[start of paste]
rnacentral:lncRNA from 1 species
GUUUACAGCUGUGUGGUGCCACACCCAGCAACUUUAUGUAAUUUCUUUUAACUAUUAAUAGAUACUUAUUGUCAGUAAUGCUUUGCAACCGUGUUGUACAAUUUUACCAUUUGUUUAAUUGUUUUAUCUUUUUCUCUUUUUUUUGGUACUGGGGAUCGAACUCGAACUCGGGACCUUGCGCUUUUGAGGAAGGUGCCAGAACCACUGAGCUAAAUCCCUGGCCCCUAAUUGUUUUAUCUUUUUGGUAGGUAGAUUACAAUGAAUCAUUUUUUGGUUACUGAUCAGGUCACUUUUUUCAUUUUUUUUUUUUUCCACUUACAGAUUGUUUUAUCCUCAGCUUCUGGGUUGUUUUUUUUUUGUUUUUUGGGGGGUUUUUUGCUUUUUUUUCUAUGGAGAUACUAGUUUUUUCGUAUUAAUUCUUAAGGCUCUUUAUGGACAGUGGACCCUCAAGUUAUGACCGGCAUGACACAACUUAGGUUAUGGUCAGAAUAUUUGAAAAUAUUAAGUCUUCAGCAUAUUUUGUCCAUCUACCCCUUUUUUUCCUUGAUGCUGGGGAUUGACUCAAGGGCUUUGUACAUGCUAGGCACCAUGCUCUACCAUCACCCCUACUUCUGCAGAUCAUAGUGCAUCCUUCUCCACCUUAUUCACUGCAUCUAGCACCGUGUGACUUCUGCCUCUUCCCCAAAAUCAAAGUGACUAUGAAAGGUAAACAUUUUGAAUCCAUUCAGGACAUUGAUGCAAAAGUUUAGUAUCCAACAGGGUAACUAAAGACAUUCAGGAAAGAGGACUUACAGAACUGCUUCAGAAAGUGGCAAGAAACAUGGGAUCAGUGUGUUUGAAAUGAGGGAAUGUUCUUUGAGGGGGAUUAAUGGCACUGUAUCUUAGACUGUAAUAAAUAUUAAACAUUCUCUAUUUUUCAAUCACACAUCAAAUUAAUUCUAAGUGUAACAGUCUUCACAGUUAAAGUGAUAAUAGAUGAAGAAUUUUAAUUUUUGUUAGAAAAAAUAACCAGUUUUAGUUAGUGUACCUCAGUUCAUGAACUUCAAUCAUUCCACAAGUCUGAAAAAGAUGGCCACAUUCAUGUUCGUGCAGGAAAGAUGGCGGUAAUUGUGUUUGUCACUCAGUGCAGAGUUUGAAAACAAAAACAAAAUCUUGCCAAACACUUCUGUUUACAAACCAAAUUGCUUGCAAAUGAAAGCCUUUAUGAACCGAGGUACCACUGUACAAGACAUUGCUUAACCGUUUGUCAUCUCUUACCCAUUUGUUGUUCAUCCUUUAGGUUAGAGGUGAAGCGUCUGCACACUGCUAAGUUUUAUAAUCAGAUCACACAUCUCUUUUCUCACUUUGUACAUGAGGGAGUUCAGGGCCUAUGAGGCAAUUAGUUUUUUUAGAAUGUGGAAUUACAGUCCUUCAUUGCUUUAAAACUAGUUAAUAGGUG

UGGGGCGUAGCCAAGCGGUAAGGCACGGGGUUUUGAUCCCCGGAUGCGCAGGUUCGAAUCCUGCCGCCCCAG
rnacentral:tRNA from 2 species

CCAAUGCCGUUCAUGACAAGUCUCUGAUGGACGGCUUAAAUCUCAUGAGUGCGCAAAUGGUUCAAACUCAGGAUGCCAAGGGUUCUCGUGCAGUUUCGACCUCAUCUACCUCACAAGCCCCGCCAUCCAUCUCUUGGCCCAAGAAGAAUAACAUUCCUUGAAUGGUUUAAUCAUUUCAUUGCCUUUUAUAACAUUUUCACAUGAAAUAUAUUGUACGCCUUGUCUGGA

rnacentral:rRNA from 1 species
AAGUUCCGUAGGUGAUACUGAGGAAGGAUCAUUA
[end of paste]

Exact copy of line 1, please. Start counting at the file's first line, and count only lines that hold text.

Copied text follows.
rnacentral:lncRNA from 1 species